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Chalmers: Legal distractions have played a big part in relegation

Bradford co-owner Andrew Chalmers says the legal action being brought against the club by 47 current and former employees has contributed to their relegation.

They are claiming for loss of wages, holiday pay, unfair dismissal and redundancy payments against the liquidated Bradford Bulls Northern Limited, the RFL and the newly formed Bradford Bulls 2017 Limited.

A judge last month ordered a seven-day hearing to be held at Leeds Employment Tribunal in January next year.

Speaking at a fans forum meeting last night to outline the clubs future, Chalmers said: “Up to round nine, the club had won five games out of nine, but following the start of proceedings by the former and present staff and players against the club, the team lost 14 out of 15 games, which is a staggering result on the field.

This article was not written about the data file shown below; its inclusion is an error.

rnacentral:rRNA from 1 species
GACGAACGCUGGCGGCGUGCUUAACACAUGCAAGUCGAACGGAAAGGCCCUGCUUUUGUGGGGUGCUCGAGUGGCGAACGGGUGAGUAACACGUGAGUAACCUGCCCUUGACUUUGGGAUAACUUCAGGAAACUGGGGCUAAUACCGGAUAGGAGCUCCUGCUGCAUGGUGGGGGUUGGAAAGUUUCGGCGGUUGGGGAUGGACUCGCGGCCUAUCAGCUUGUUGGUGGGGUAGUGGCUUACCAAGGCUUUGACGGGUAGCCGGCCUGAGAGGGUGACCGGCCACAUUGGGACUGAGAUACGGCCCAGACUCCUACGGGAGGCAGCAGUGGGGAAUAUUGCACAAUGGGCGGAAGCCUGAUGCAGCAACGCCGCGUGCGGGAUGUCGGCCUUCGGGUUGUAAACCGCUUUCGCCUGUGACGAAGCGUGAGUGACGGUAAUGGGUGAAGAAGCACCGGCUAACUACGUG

“What is clear to us is that this legal claim had a negative and distracting impact and affected the players’ commitment on the field and their attitude off the field. Not all players were affected but it had a definite effect. It’s been extremely damaging.

“The club believes the claim brought against is without any merit. We don’t blame the players for being a part of that action.”

Despite another setback, Chalmers is still confident of making the club successful again in the long-terms and has set out a plan for a return to the top flight.

“It will be 2020 before the club can get back to Super League but we believe that from 2021 there will be a new Super League licensing format in place in any event,” he said.

“Quite simply, our key objectives are to buy the best players we can afford to obtain Super League status as quickly as possible.”

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